In what may be an unprecedented move, a former chairman of the Republican National Committee is hoping for a “miracle in Cleveland” that will produce a result other than presumptive nominee Donald Trump.
Marc Racicot, who in addition to once heading up the RNC is also the former governor of Montana, declared in a Washington Post op-ed that he will not support Trump as the GOP nominee and said he’s praying the party delivers a different result at its national convention in Cleveland later this month.
Marking the nation’s 240th birthday, Racicot points to “the father of the Republican Party,” Abraham Lincoln, saying Lincoln was not always perceived as a profound leader before noting that he wasn’t the party’s first choice at the 1860 convention and would be elected president with only 40 percent of the popular vote.
How is it that, in the darkest of times, the nation invested its confidence in a man who had failed in business and had lost almost as many elections as he had won, a man who had no significant administrative experience, a man who represented a new political party that had never seen the inside of the White House, and a man who was not even the first choice of his party on either of the first two ballots of that party’s political convention in 1860?
Racicot then appeals to the character of a potential nominee.
There appears but one conclusion. The collective whole of our citizenry, like a jury, has always had the capacity, if the evidence was before them, to discern those best qualified by virtue of their character and capacity, to lead us through perilous times.
As responsible, though admittedly not perfect, citizens, we are obliged, before automatic commitments to political parties, ideologies or candidates, to give consideration to those timeless and eternal qualities of genuine leadership that transcend ever-changing political charters, programs and affiliations. Rarely stopping to inventory them, we all know them when we see them. It is inescapable that every decision made by every leader reflects the character of the man or woman making the decision. Character is the lens through which a leader perceives the path to be followed.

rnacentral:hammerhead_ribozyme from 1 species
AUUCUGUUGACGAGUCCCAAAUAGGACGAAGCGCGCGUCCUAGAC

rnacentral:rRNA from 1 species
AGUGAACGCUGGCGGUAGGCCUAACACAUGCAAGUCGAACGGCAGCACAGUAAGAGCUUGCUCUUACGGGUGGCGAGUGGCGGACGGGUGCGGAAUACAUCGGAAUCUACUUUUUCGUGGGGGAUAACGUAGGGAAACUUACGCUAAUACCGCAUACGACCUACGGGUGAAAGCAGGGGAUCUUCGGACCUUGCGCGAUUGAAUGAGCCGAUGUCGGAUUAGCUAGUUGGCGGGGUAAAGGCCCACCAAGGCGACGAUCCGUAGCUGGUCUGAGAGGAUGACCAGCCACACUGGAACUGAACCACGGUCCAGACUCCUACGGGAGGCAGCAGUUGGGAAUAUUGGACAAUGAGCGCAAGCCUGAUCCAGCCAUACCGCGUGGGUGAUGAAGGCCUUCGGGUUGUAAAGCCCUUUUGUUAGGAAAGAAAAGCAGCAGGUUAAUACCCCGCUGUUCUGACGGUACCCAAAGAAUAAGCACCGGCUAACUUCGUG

Acknowledging that 13 million people voted for Trump as the nominee, Racicot said he did not want to “diminish the message that each of those votes carries with them.”
“But after long and careful consideration, I cannot endorse or support their decision to express their frustration, anger and disappointment by selecting Trump as the Republican nominee for president,” he said. “Trump has demonstrated neither the aforementioned qualities of principled leadership, nor offered any substantive or serious conservative policy proposals consistent with historical Republican Party platform positions.”
“As a result, I cannot endorse or support Trump for president. And I offer my prayer for a second miracle in Cleveland.”
With Trump facing such spirited opposition from within his own party, the convention later this month has the potential to be every bit as contention as was seen in 1860.
Maybe Racicot needs to listen to Sarah Palin’s latest speech for a different perspective.
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